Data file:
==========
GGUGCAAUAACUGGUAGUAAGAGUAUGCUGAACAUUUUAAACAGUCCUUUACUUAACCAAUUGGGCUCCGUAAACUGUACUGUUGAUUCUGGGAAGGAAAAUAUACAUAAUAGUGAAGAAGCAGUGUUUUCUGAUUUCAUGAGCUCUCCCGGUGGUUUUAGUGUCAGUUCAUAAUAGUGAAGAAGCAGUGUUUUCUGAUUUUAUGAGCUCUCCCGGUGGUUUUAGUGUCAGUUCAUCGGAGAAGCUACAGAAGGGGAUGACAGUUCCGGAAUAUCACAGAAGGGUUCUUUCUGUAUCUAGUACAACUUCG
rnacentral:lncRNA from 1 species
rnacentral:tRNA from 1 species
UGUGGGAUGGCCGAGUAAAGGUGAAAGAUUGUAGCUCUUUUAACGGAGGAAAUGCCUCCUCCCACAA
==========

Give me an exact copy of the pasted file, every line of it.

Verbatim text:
GGUGCAAUAACUGGUAGUAAGAGUAUGCUGAACAUUUUAAACAGUCCUUUACUUAACCAAUUGGGCUCCGUAAACUGUACUGUUGAUUCUGGGAAGGAAAAUAUACAUAAUAGUGAAGAAGCAGUGUUUUCUGAUUUCAUGAGCUCUCCCGGUGGUUUUAGUGUCAGUUCAUAAUAGUGAAGAAGCAGUGUUUUCUGAUUUUAUGAGCUCUCCCGGUGGUUUUAGUGUCAGUUCAUCGGAGAAGCUACAGAAGGGGAUGACAGUUCCGGAAUAUCACAGAAGGGUUCUUUCUGUAUCUAGUACAACUUCG
rnacentral:lncRNA from 1 species
rnacentral:tRNA from 1 species
UGUGGGAUGGCCGAGUAAAGGUGAAAGAUUGUAGCUCUUUUAACGGAGGAAAUGCCUCCUCCCACAA